After withdrawing their initial plan to seek nearly $1 billion over eight years, district officials spent months working with the Indy Chamber to analyze Indianapolis Public Schools finances and find areas to trim in an effort to reduce the potential tax increase. But the district and chamber are at odds over how aggressive the cuts should be.

Last week, the chamber released a voluminous list of cuts the group says could save the school system $477 million over eight years. They include reducing the number of teachers, eliminating busing for high schoolers, and closing schools. The chamber has paired those cuts with a proposal for a referendum to increase school funding by $100 million, which it says could raise teacher salaries by 16 percent.

District officials, however, say the timeline for the cuts proposed by the chamber is not realistic. The analysis mostly includes strategies suggested by the district, said Ferebee. But steps like redistricting and closing schools, for example, can take many months.

“Where we are apart is the pace, the cadence and how aggressive the approach is with realizing those savings,” he said.

Not everyone at the meeting was supportive of the administration. Tim Stark, a teacher from George Washington High School, asked the superintendent not to work with charter high school partners until the district’s traditional high schools are fully enrolled. But Stark said he is still supportive of increasing funding for the district. “It is really important for IPS to get the funds,” he said.

The chamber has no explicit authority over the tax increase but it has the political sway to play an influential role in whether it passes. As a result, Indianapolis Public Schools officials are working to come to an agreement that will get that chamber’s support.

A separate measure to fund building improvements was announced by the district in June and incorporated into the chamber plan. That tax increase would raise $52 million for building improvements, primarily focused on safety. That’s about one-quarter of the initial proposal.

Tennessee Votes 2018

Early voting begins Friday in Tennessee. Here’s where your candidates stand on education.

PHOTO: Creative Commons

Tennesseans begin voting on Friday in dozens of crucial elections that will culminate on Aug. 2.

Democrats and Republicans will decide who will be their party’s gubernatorial nominee. Those two individuals will face off in November to replace outgoing Republican Gov. Bill Haslam. Tennessee’s next governor will significantly shape public education, and voters have told pollsters that they are looking for an education-minded leader to follow Haslam.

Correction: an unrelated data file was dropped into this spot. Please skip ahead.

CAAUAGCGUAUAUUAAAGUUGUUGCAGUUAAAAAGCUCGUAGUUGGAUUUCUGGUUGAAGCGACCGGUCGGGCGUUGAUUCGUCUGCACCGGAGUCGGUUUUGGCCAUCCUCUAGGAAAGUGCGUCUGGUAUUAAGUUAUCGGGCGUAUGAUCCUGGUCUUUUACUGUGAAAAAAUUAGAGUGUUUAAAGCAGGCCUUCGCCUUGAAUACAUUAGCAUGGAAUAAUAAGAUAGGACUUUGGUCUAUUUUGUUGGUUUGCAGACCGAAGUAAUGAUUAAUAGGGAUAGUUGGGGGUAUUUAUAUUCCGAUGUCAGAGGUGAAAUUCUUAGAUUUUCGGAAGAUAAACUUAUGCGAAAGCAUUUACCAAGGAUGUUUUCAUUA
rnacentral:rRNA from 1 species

In Memphis, voters will have a chance to influence schools in two elections, one for school board and the other for county commission, the top local funder for schools, which holds the purse strings for schools.

To help you make more informed decisions, Chalkbeat asked candidates in these four races critical questions about public education.

Here’s where Tennessee’s Democratic candidates for governor stand on education

Former Nashville Mayor Karl Dean and state Rep. Craig Fitzhugh of Ripley hope to become the state’s first Democratic governor in eight years.

Tennessee’s Republican candidates for governor answer the big questions on education

U.S. Rep. Diane Black, businessman Randy Boyd, Speaker of the House Beth Harwell, and businessman Bill Lee are campaigning to succeed fellow Republican Haslam as governor, but first they must defeat each other in the 2018 primary election.

Memphis school board candidates speak out on what they want to change

Fifteen people are vying for four seats on the Shelby County Schools board this year. That’s much higher stakes compared to two years ago when five seats were up for election with only one contested race.

Aspiring county leaders in charge of money for Memphis schools share their views

The Shelby County Board of Commissioners and county mayor are responsible for most school funding in Memphis. Chalkbeat sent a survey to candidates asking their thoughts on what that should look like.

Early voting runs Mondays through Saturdays until Saturday, July 28. Election Day is Thursday, Aug. 2.